As is evident in her interactions with the people around her, Aroha gets it wrong at the interpersonal level all the time. This is because for both practical reasons and a lack of capacity to accept change, she can’t understand other people if they think and feel differently to her about and in, a given situation. She spent so much time growing up early when she was a child that she never developed the ability to be empathic and see things from others’ points of view; this also curtailed her ability to learn and evolve in her thinking; it made her somewhat of a rote-learner. She found her way and invested a lot of hope for a better life in that way being the only way. She backed herself into an emotional corner.
While the exact ways Aroha has lost touch with the world are clearly my fantastical inventions, the idea came from a phenomenon I’ve seen in many people from my generation and subsequent ones. Though it’s far from universal, many people my age and younger seem to lose touch with their parents and vice versa. Aging parents become a burden and people we tolerate and ‘do our time with’ and feel obliged to take care of, but don’t particularly listen to any more. Interactions with such parents and other elders are fraught with conflicting senses of duty, loyalty, sympathy, dismissal and sometimes even resentment and revulsion. Think of grandma and her casually despicably racist jokes and clanger generalisations beginning with things like ‘they all…’. Or grandpa and his screaming misogyny offered up at mealtime as a compliment for your new female partner brought home to visit for the first time. I think you know what I mean.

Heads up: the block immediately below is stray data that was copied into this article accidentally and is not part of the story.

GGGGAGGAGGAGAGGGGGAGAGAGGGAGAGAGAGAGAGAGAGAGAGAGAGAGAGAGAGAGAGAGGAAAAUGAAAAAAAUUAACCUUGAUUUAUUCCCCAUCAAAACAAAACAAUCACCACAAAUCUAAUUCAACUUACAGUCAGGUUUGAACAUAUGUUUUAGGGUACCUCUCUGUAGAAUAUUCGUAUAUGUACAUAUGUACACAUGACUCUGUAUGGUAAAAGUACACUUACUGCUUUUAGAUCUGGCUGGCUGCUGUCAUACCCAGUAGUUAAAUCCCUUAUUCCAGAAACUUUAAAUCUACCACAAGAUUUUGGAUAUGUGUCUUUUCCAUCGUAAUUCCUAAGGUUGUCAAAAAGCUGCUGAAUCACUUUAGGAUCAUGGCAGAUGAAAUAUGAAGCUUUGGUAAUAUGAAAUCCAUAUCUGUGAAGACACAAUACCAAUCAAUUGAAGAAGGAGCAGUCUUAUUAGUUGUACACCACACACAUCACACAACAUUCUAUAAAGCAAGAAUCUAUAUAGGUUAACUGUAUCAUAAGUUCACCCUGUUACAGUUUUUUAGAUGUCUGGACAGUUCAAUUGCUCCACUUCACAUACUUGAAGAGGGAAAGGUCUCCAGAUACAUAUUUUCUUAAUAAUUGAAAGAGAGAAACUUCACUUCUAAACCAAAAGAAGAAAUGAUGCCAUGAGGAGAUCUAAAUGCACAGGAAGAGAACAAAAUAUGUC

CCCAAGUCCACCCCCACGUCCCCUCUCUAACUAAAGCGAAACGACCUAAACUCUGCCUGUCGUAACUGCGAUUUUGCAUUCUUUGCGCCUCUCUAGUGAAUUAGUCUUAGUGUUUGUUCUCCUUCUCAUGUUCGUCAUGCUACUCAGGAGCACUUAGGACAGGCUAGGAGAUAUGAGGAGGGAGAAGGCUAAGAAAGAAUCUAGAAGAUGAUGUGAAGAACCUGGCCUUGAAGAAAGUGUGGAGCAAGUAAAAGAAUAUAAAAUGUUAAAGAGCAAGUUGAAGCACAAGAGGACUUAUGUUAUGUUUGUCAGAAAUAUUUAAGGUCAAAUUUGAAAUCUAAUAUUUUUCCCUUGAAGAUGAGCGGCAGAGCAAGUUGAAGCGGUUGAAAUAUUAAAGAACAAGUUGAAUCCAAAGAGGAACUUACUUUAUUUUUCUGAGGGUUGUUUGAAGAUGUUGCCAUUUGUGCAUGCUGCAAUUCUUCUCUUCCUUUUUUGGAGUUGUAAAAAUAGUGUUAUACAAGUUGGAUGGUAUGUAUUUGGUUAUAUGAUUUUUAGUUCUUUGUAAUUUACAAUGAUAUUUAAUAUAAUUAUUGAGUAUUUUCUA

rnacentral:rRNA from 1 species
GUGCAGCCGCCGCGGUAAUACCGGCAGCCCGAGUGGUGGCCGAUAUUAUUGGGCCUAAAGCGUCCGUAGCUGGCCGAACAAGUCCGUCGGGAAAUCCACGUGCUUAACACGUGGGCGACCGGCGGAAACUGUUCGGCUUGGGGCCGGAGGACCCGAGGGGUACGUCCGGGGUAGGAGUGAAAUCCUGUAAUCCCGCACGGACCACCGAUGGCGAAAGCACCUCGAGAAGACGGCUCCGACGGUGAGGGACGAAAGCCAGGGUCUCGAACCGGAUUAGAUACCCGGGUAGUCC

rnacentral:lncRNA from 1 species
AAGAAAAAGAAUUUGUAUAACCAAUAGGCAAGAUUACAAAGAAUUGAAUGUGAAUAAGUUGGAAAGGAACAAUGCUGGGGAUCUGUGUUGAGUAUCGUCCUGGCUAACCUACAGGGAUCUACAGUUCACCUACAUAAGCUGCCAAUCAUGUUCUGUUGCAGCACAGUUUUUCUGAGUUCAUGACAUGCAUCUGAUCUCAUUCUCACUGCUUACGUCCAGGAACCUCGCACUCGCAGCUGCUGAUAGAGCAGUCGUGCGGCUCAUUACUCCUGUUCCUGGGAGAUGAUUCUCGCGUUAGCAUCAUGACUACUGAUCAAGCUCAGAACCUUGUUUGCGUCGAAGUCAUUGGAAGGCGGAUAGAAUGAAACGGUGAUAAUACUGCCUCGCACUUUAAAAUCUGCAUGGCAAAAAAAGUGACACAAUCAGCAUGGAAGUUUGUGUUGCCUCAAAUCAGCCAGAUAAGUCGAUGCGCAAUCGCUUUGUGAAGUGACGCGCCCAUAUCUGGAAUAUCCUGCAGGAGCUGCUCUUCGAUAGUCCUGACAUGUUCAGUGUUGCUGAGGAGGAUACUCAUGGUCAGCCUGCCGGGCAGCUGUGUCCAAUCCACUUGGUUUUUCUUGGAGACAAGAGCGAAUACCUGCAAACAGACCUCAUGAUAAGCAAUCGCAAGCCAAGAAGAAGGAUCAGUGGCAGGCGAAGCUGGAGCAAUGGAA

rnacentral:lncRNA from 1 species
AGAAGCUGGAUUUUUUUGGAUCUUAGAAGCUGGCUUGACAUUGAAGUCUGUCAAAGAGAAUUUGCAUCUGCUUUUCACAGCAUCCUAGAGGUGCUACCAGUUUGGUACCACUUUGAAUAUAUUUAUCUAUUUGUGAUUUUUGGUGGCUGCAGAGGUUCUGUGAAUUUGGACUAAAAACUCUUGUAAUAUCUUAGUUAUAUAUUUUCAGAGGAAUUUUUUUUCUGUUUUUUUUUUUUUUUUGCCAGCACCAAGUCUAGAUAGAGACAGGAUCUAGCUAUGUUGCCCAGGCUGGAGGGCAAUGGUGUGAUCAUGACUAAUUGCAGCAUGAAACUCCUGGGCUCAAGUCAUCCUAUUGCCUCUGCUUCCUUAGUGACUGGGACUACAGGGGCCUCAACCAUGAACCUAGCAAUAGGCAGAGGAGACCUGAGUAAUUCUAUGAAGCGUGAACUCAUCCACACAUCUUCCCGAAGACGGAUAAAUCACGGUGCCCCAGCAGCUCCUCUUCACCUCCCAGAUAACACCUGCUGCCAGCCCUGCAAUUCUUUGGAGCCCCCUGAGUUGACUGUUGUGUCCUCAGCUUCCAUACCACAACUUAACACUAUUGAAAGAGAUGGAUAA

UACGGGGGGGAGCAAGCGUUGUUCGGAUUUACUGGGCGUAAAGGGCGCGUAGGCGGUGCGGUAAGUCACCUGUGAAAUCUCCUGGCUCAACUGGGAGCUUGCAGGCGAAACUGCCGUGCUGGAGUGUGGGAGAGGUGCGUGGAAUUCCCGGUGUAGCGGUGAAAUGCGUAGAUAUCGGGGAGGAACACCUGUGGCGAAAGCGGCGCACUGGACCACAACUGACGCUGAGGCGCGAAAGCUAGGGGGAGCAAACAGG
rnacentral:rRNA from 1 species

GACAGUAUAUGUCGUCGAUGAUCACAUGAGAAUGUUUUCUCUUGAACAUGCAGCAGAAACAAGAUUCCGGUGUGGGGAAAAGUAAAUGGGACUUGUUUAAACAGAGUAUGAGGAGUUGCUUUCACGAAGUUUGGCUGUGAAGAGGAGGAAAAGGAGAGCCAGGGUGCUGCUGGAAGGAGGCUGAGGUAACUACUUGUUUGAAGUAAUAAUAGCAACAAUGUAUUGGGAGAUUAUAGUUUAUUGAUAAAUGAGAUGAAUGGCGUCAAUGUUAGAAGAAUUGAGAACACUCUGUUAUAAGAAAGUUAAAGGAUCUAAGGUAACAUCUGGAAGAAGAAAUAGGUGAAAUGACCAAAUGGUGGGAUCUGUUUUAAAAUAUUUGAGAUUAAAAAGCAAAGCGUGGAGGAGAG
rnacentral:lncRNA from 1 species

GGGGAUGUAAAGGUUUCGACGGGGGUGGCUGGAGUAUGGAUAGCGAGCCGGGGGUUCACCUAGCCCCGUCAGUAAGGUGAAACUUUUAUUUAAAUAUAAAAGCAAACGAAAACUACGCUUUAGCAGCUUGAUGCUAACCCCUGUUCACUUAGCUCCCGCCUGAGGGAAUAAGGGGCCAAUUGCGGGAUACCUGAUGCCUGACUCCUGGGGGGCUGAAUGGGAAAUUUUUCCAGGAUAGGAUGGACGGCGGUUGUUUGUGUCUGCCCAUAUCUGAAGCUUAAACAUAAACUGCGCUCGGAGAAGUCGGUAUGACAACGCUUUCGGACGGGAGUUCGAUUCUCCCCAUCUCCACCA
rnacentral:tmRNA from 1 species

I think this is probably a result of many factors including but far from limited to times of unique change with the onset of new technology etc, some elderly people having more capacity to accept and embrace changing technology and society than others (like anyone), and parents and adult children’s shared capacity (or lack of it) to give up their respective roles as parent and child and re-unite as adult friends. The Aroha character, aside from being just a part of the story, is also a metaphor for a nightmare case of failure on all these fronts.
Another idea that inspired the Aroha character and her bits of the plot is the impact of loneliness on a person. It’s well known that people in enforced sustained isolation of whatever kind, lose their minds. Our brains are physically wired to need social contact and at least some degree of closeness or meaningful connection with others. The parts of the story around the impact of Aroha’s isolation on her and also of her changing abilities in interaction with other people were inspired by the way we shrivel in isolation and grow through interaction even if it’s not necessarily a pleasant experience.
And the final facet of the inspiration for Aroha’s character was Freud’s old but tried and tested idea of that which is repressed eventually always finding expression; much like the vast heaving fat-berg discovered in the London sewerage system in the last few years. At the same time as being a real character in the plot Aroha is also a metaphor for a painful past that demands resolution no matter how torturous that resolution will be.
While I think it’s a light-hearted and entertaining read, Aroha is a story with its feet in the shade in more ways than one!